Democratic Lawmakers Repeatedly Criticize CFPB Director for Overhaul of Payday Loan Rule
Inside Subprime: April 4, 2019
By Grace Austin
Democratic lawmakers are criticizing the Consumer Financial Protection Bureau director for the agency’s latest moves involving the payday loan industry.
In March 2019, CFPB Director Kathleen Kraninger sat before Congress to speak about controversial decisions by the agency. It’s part of the agency’s required twice-a-year report to Congress. Those decisions included recently overhauling the payday lending rule and ending exams of financial organizations to make sure they’re complying with the Military Lending Act.
The latter move brought scrutiny by several senators on the Banking Committee. Kraninger’s predecessor Mick Mulvaney stopped the compliance exams on financial organizations, which were regular under the Obama administration, and Kraninger hasn’t started them again.
The Democratic senators also criticized the abandonment by the CFPB of the ability to repay provision in the payday loan rule. That would now allow lenders to make loans regardless of a borrower’s capacity to repay them.
Democrats on the Senate Banking Committee also grilled Kraninger on why more enforcement actions haven’t been taken since she took office.
The week before, House leaders questioned Kraninger about the CFPB’s recent actions and her time at the agency.
Kraninger told the House Financial Services Committee, which has a Democratic majority, she was dedicated to protecting American consumers as head of the CFPB. But she told the committee she was “focused on supervision and prevention, rather than on enforcement,” according to American Banker.
House Financial Services Committee Chairwoman Maxine Waters, D-Calif., said, “I’m deeply concerned about the damage they have done” to the CFPB, referencing Republican lawmakers’ efforts to roll back the agency’s powers.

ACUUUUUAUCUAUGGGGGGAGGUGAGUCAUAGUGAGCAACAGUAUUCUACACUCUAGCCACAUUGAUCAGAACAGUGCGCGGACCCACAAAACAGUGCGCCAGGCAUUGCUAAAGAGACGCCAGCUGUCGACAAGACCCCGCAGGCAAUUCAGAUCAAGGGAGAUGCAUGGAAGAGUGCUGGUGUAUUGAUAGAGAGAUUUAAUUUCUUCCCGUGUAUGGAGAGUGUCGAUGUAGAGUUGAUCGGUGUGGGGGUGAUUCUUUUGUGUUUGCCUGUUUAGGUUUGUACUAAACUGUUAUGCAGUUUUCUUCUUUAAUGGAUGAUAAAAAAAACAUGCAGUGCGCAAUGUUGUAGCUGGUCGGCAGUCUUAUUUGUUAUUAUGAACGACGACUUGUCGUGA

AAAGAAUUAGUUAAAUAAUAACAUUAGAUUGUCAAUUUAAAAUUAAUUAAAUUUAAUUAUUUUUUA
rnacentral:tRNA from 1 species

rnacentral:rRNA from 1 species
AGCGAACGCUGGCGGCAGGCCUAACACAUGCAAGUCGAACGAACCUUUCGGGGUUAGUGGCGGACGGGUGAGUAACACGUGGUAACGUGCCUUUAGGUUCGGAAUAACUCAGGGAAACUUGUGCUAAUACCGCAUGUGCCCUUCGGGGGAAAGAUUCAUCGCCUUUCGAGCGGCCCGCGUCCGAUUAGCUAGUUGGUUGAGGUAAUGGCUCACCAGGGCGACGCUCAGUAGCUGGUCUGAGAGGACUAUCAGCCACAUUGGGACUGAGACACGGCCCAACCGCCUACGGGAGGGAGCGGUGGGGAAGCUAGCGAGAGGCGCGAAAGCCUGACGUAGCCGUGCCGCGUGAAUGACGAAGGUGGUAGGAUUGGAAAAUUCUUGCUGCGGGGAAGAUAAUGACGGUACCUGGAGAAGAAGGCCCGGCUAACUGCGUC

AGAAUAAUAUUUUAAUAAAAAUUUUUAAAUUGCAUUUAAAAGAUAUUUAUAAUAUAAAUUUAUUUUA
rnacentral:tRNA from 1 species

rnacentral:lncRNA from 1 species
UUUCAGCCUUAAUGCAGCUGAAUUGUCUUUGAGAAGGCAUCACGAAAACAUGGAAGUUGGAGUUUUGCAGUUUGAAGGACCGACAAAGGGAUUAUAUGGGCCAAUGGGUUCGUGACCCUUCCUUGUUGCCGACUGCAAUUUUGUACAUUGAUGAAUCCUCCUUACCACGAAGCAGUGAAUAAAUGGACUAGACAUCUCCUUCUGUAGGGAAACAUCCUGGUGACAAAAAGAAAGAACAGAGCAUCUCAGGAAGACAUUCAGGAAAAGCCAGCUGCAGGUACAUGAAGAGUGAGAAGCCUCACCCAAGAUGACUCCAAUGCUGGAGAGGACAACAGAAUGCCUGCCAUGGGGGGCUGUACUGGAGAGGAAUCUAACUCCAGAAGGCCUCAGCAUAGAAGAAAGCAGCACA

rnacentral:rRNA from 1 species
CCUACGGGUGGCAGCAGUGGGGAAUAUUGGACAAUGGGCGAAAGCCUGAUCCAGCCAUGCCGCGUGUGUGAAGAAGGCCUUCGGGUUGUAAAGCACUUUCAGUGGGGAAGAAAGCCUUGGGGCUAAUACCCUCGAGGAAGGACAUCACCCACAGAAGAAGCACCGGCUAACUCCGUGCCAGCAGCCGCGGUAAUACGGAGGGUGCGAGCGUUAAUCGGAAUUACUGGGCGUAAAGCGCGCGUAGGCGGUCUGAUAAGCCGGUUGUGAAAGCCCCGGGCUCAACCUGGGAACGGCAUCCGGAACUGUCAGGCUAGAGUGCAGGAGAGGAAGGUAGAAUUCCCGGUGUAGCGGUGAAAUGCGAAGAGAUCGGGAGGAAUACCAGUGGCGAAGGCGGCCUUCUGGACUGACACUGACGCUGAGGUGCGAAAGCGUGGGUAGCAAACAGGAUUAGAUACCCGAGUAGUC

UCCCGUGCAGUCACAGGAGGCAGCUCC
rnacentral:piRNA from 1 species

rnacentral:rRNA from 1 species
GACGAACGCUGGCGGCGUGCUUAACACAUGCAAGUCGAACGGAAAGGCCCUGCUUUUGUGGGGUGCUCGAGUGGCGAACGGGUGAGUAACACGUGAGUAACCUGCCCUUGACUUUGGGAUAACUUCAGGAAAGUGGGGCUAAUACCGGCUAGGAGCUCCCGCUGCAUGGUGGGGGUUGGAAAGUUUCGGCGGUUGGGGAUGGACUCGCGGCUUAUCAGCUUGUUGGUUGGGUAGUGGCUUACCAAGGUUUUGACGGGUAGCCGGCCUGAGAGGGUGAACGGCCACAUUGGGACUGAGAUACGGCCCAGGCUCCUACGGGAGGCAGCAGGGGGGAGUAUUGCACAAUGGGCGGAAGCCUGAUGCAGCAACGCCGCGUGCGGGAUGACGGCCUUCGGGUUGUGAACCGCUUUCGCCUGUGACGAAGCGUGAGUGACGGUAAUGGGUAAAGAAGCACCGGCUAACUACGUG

Waters has been vocal about the CFPB’s perceived lack of action protecting consumers. She recently introduced the Consumer First Act, which seeks to better safeguard American consumers.
Prior to the congressional hearings, Waters and 46 other Democratic lawmakers sent a letter to Kraninger, criticizing the proposal to end the ability-to-pay provision of the payday loan rule.
The letter stated, “Repealing this rule provides a green light to the payday loan industry to prey on vulnerable American consumers. In drafting these devastating changes to the Payday Rule, the CFPB is ignoring one of the most fundamental principles of consumer finance – an individual should not be offered a predatory loan they cannot pay back.”
The letter also noted that the underwriting provisions were finalized after years of investigations and research that highlighted the disreputable practices which were rampant in the industry, and that the CFPB has made no new findings available that support the decision to rescind the rule. Should there be a lack of such research, the lawmakers noted, the CFPB may have violated the Administrative Procedure Act.
The lawmakers asked for information on the impact of repealing the rule and any investigations and comments received by the bureau after repealing the rule.